So maybe this top picture doesn’t really have to do with Homeschooling exactly. However, it’s so sweet that I couldn’t resist. In fact, in a way the above picture does have to do with Homeschooling but I will get to that in a minute.
We started our homeschooling adventure on August 18th. Although our Home Learning doesn’t really look like what you would see going on in a traditional school building day in and day out, we decided to go along with the school calendar for no other reason than it just seemed a good a day as any to begin.
Making our DIY worm compost bin.
So truth be told as much as I was excited about Ty learning outside of a traditional school, I was also nervous. Could I do this? Would we be able to spend SO much time together and not go nuts? Is the path of learning we are taking enough to prepare him for his future? And the questions went on.
Super focused little boy
We are now in our fourth week and all I can say was that I wish I had been brave enough and confident enough to have began this venture years ago. We are taking a more self-directed, interest led approach to learning so our days never really look the same. In fact, the learning often may not even take place at home. Some folks may even question if what we are doing really is “learning”. Because I grew up in the traditional school system and I have been “programmed” to believe that our educational system is the only right way, I occasionally have to step back from time to time and trust that what we are doing is best for our child and our family. Some of my initial hesitation stemmed from my fear of being a good “teacher” to Ty. Once we began I quickly saw my role in our learning adventure change from teacher to more of a facilitator. This quote from Albert Einstein sums up my feelings perfectly:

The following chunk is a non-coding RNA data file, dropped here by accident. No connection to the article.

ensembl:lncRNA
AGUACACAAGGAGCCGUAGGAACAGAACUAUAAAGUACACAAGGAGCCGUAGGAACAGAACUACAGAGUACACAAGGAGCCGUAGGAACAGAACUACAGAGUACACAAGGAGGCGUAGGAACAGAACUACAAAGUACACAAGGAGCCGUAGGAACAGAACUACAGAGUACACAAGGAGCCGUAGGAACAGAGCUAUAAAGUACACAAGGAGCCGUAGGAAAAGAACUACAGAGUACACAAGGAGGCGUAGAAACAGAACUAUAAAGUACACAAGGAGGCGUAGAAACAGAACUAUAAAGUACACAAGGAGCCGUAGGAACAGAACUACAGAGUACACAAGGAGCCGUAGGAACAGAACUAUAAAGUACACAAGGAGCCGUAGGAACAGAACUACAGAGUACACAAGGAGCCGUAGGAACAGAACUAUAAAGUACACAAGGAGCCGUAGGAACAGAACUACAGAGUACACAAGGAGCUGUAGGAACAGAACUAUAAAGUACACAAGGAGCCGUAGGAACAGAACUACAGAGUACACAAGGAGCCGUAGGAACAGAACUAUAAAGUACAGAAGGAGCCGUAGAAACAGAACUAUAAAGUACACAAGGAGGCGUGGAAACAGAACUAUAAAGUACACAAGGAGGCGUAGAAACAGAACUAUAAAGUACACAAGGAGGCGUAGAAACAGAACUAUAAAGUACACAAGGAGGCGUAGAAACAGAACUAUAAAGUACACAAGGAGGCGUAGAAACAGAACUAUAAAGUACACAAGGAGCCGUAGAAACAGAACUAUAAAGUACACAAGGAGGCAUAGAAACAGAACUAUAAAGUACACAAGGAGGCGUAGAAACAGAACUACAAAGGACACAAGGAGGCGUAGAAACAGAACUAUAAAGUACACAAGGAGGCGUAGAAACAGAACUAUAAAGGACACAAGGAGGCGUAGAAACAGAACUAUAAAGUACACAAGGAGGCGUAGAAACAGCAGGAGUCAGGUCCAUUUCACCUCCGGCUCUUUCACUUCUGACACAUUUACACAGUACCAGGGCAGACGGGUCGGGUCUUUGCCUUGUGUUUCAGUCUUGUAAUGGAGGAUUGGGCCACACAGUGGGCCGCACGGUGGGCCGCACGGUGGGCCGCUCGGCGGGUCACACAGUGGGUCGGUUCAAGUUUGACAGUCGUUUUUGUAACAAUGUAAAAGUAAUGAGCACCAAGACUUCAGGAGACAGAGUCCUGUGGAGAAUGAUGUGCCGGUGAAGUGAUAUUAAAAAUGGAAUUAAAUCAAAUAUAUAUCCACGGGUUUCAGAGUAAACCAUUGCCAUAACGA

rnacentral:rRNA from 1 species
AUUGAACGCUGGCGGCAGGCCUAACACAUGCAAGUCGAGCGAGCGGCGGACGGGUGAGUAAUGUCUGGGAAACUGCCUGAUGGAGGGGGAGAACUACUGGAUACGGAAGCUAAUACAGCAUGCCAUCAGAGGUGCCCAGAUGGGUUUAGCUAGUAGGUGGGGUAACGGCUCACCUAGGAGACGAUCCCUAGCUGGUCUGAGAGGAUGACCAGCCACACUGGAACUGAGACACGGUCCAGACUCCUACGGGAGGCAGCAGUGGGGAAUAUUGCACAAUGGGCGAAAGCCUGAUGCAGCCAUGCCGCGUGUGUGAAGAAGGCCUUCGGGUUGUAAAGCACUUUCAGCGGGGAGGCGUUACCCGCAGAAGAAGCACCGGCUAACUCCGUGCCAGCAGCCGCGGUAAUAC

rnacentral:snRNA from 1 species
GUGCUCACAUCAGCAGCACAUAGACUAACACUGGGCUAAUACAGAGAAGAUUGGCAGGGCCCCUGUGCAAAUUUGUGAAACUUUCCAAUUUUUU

“I never teach my pupils; I only attempt to provide the conditions in which they can learn.”-Albert Einstein
Constructing a planter box for our community garden
My goal is not to fill my child with facts so he can do well on some test. My hope is to raise a seeker, a problem solver, a curious, passionate child who not only loves to learn but knows how to learn. I want to give him the gift of time. Time to seek out his interests and time to figure out what he’s really good at and where his talents lie. I don’t want him to sit in a class room being fed knowledge that he is likely to forget if it has no meaning in his life.
Do I believe there will be gaps in his knowledge? Sure. But learning how to learn is much better than memorizing facts for the sake of a test. If he knows how to learn, no gap is permanent.
And so what does the picture at the very beginning of this post have to do with homeschooling? One of the biggest joys for me these days is knowing that we get to spend time so much time together as a family doing the things we love. Honestly, I have been surprised at how easy the adjustment has been for us considering my big Mr. works from home as well. Did I also mention we live in a 1000 sq. ft. house?
Childhood is short and I’m so glad that my little mr. has this time in his life to learn and live in a way that feels right for him, for all of us. A snuggle with his pup in the middle of the day is just another one of the perks!